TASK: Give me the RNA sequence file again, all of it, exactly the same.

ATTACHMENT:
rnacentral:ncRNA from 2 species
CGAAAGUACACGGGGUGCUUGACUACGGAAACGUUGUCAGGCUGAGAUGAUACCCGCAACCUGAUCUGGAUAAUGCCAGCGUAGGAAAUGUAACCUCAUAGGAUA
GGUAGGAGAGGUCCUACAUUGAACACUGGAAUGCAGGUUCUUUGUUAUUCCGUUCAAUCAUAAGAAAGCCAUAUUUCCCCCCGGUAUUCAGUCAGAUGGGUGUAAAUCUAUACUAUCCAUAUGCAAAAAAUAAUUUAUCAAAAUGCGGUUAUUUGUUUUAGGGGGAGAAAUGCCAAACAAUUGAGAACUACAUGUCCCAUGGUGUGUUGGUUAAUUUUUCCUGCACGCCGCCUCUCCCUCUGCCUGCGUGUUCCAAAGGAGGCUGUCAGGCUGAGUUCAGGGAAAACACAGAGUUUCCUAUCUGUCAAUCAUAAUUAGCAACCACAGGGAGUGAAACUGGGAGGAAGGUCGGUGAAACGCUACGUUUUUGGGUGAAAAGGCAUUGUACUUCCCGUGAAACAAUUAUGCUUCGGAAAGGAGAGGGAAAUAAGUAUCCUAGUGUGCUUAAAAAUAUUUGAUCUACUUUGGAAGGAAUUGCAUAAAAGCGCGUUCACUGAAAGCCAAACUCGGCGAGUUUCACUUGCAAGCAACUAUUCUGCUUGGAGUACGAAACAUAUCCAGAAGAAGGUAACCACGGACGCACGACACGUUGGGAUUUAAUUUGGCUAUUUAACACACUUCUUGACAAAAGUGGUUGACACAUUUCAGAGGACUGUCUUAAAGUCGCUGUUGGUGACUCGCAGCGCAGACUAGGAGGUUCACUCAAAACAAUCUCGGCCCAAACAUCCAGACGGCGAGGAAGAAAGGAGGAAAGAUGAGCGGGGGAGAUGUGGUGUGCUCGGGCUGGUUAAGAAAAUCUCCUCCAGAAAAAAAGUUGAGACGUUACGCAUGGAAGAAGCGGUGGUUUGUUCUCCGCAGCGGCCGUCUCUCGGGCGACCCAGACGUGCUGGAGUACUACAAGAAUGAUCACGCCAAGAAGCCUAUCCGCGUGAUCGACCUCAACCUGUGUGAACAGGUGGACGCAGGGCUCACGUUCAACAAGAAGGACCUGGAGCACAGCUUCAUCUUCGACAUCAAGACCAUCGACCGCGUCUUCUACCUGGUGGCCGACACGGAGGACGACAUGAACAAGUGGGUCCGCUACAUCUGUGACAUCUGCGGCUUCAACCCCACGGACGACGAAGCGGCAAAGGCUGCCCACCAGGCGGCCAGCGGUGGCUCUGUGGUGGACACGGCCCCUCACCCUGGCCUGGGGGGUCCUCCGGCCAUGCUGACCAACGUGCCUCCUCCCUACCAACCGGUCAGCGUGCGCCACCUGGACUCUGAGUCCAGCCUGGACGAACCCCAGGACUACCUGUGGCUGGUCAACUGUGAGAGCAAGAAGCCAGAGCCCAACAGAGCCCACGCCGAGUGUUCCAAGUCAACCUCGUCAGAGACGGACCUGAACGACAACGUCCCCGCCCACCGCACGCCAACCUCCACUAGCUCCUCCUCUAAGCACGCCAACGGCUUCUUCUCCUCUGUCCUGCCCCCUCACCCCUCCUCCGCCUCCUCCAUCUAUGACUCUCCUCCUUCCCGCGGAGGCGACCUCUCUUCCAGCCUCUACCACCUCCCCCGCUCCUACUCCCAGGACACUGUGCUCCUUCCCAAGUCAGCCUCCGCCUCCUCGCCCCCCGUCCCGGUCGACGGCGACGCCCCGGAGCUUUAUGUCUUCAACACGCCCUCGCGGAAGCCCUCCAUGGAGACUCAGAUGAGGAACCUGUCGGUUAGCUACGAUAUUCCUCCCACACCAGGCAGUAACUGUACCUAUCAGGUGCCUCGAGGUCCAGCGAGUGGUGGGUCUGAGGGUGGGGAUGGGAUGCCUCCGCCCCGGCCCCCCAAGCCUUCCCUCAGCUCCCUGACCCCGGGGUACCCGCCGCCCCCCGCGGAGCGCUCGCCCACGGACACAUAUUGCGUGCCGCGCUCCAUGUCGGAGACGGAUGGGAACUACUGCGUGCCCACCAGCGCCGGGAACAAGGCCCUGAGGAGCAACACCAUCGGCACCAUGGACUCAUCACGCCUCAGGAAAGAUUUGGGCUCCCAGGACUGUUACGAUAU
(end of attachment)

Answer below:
rnacentral:ncRNA from 2 species
CGAAAGUACACGGGGUGCUUGACUACGGAAACGUUGUCAGGCUGAGAUGAUACCCGCAACCUGAUCUGGAUAAUGCCAGCGUAGGAAAUGUAACCUCAUAGGAUA
GGUAGGAGAGGUCCUACAUUGAACACUGGAAUGCAGGUUCUUUGUUAUUCCGUUCAAUCAUAAGAAAGCCAUAUUUCCCCCCGGUAUUCAGUCAGAUGGGUGUAAAUCUAUACUAUCCAUAUGCAAAAAAUAAUUUAUCAAAAUGCGGUUAUUUGUUUUAGGGGGAGAAAUGCCAAACAAUUGAGAACUACAUGUCCCAUGGUGUGUUGGUUAAUUUUUCCUGCACGCCGCCUCUCCCUCUGCCUGCGUGUUCCAAAGGAGGCUGUCAGGCUGAGUUCAGGGAAAACACAGAGUUUCCUAUCUGUCAAUCAUAAUUAGCAACCACAGGGAGUGAAACUGGGAGGAAGGUCGGUGAAACGCUACGUUUUUGGGUGAAAAGGCAUUGUACUUCCCGUGAAACAAUUAUGCUUCGGAAAGGAGAGGGAAAUAAGUAUCCUAGUGUGCUUAAAAAUAUUUGAUCUACUUUGGAAGGAAUUGCAUAAAAGCGCGUUCACUGAAAGCCAAACUCGGCGAGUUUCACUUGCAAGCAACUAUUCUGCUUGGAGUACGAAACAUAUCCAGAAGAAGGUAACCACGGACGCACGACACGUUGGGAUUUAAUUUGGCUAUUUAACACACUUCUUGACAAAAGUGGUUGACACAUUUCAGAGGACUGUCUUAAAGUCGCUGUUGGUGACUCGCAGCGCAGACUAGGAGGUUCACUCAAAACAAUCUCGGCCCAAACAUCCAGACGGCGAGGAAGAAAGGAGGAAAGAUGAGCGGGGGAGAUGUGGUGUGCUCGGGCUGGUUAAGAAAAUCUCCUCCAGAAAAAAAGUUGAGACGUUACGCAUGGAAGAAGCGGUGGUUUGUUCUCCGCAGCGGCCGUCUCUCGGGCGACCCAGACGUGCUGGAGUACUACAAGAAUGAUCACGCCAAGAAGCCUAUCCGCGUGAUCGACCUCAACCUGUGUGAACAGGUGGACGCAGGGCUCACGUUCAACAAGAAGGACCUGGAGCACAGCUUCAUCUUCGACAUCAAGACCAUCGACCGCGUCUUCUACCUGGUGGCCGACACGGAGGACGACAUGAACAAGUGGGUCCGCUACAUCUGUGACAUCUGCGGCUUCAACCCCACGGACGACGAAGCGGCAAAGGCUGCCCACCAGGCGGCCAGCGGUGGCUCUGUGGUGGACACGGCCCCUCACCCUGGCCUGGGGGGUCCUCCGGCCAUGCUGACCAACGUGCCUCCUCCCUACCAACCGGUCAGCGUGCGCCACCUGGACUCUGAGUCCAGCCUGGACGAACCCCAGGACUACCUGUGGCUGGUCAACUGUGAGAGCAAGAAGCCAGAGCCCAACAGAGCCCACGCCGAGUGUUCCAAGUCAACCUCGUCAGAGACGGACCUGAACGACAACGUCCCCGCCCACCGCACGCCAACCUCCACUAGCUCCUCCUCUAAGCACGCCAACGGCUUCUUCUCCUCUGUCCUGCCCCCUCACCCCUCCUCCGCCUCCUCCAUCUAUGACUCUCCUCCUUCCCGCGGAGGCGACCUCUCUUCCAGCCUCUACCACCUCCCCCGCUCCUACUCCCAGGACACUGUGCUCCUUCCCAAGUCAGCCUCCGCCUCCUCGCCCCCCGUCCCGGUCGACGGCGACGCCCCGGAGCUUUAUGUCUUCAACACGCCCUCGCGGAAGCCCUCCAUGGAGACUCAGAUGAGGAACCUGUCGGUUAGCUACGAUAUUCCUCCCACACCAGGCAGUAACUGUACCUAUCAGGUGCCUCGAGGUCCAGCGAGUGGUGGGUCUGAGGGUGGGGAUGGGAUGCCUCCGCCCCGGCCCCCCAAGCCUUCCCUCAGCUCCCUGACCCCGGGGUACCCGCCGCCCCCCGCGGAGCGCUCGCCCACGGACACAUAUUGCGUGCCGCGCUCCAUGUCGGAGACGGAUGGGAACUACUGCGUGCCCACCAGCGCCGGGAACAAGGCCCUGAGGAGCAACACCAUCGGCACCAUGGACUCAUCACGCCUCAGGAAAGAUUUGGGCUCCCAGGACUGUUACGAUAU